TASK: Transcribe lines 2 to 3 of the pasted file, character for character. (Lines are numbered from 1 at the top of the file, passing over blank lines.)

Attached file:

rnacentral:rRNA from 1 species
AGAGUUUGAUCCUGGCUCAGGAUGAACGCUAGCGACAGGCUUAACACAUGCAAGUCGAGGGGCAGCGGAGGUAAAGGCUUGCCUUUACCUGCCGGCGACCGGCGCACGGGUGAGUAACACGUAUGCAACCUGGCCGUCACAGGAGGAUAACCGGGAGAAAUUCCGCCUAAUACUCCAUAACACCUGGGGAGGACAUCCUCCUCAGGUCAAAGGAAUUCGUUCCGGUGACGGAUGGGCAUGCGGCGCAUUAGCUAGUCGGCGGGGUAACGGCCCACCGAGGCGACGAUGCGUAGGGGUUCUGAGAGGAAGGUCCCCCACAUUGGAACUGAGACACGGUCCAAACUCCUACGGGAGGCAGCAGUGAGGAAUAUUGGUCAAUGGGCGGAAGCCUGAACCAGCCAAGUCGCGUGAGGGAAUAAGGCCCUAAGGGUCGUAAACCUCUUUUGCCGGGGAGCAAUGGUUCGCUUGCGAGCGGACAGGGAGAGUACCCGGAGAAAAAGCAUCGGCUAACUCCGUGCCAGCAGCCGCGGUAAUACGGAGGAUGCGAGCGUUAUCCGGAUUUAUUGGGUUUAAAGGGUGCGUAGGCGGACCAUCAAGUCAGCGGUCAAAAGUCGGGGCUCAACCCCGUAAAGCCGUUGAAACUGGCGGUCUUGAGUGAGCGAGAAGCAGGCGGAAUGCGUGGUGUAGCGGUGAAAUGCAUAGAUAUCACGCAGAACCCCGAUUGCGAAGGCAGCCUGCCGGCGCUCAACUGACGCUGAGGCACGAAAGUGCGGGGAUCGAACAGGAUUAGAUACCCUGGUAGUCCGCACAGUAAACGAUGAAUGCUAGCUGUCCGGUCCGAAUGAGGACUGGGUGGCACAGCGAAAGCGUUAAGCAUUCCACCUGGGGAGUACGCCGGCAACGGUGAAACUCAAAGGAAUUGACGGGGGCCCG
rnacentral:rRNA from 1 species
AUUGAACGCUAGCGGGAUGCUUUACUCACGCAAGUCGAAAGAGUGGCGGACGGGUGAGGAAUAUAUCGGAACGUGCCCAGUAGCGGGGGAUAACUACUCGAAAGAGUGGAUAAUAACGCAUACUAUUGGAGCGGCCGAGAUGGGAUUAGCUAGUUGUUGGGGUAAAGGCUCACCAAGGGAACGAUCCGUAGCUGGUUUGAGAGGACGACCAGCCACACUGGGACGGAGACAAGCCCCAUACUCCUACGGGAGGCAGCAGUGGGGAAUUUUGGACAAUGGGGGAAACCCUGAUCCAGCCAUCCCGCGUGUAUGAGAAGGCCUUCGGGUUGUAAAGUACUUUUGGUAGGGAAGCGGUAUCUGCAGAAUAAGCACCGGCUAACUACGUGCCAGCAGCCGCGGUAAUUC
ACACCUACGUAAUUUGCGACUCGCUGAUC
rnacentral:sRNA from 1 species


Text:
AGAGUUUGAUCCUGGCUCAGGAUGAACGCUAGCGACAGGCUUAACACAUGCAAGUCGAGGGGCAGCGGAGGUAAAGGCUUGCCUUUACCUGCCGGCGACCGGCGCACGGGUGAGUAACACGUAUGCAACCUGGCCGUCACAGGAGGAUAACCGGGAGAAAUUCCGCCUAAUACUCCAUAACACCUGGGGAGGACAUCCUCCUCAGGUCAAAGGAAUUCGUUCCGGUGACGGAUGGGCAUGCGGCGCAUUAGCUAGUCGGCGGGGUAACGGCCCACCGAGGCGACGAUGCGUAGGGGUUCUGAGAGGAAGGUCCCCCACAUUGGAACUGAGACACGGUCCAAACUCCUACGGGAGGCAGCAGUGAGGAAUAUUGGUCAAUGGGCGGAAGCCUGAACCAGCCAAGUCGCGUGAGGGAAUAAGGCCCUAAGGGUCGUAAACCUCUUUUGCCGGGGAGCAAUGGUUCGCUUGCGAGCGGACAGGGAGAGUACCCGGAGAAAAAGCAUCGGCUAACUCCGUGCCAGCAGCCGCGGUAAUACGGAGGAUGCGAGCGUUAUCCGGAUUUAUUGGGUUUAAAGGGUGCGUAGGCGGACCAUCAAGUCAGCGGUCAAAAGUCGGGGCUCAACCCCGUAAAGCCGUUGAAACUGGCGGUCUUGAGUGAGCGAGAAGCAGGCGGAAUGCGUGGUGUAGCGGUGAAAUGCAUAGAUAUCACGCAGAACCCCGAUUGCGAAGGCAGCCUGCCGGCGCUCAACUGACGCUGAGGCACGAAAGUGCGGGGAUCGAACAGGAUUAGAUACCCUGGUAGUCCGCACAGUAAACGAUGAAUGCUAGCUGUCCGGUCCGAAUGAGGACUGGGUGGCACAGCGAAAGCGUUAAGCAUUCCACCUGGGGAGUACGCCGGCAACGGUGAAACUCAAAGGAAUUGACGGGGGCCCG
rnacentral:rRNA from 1 species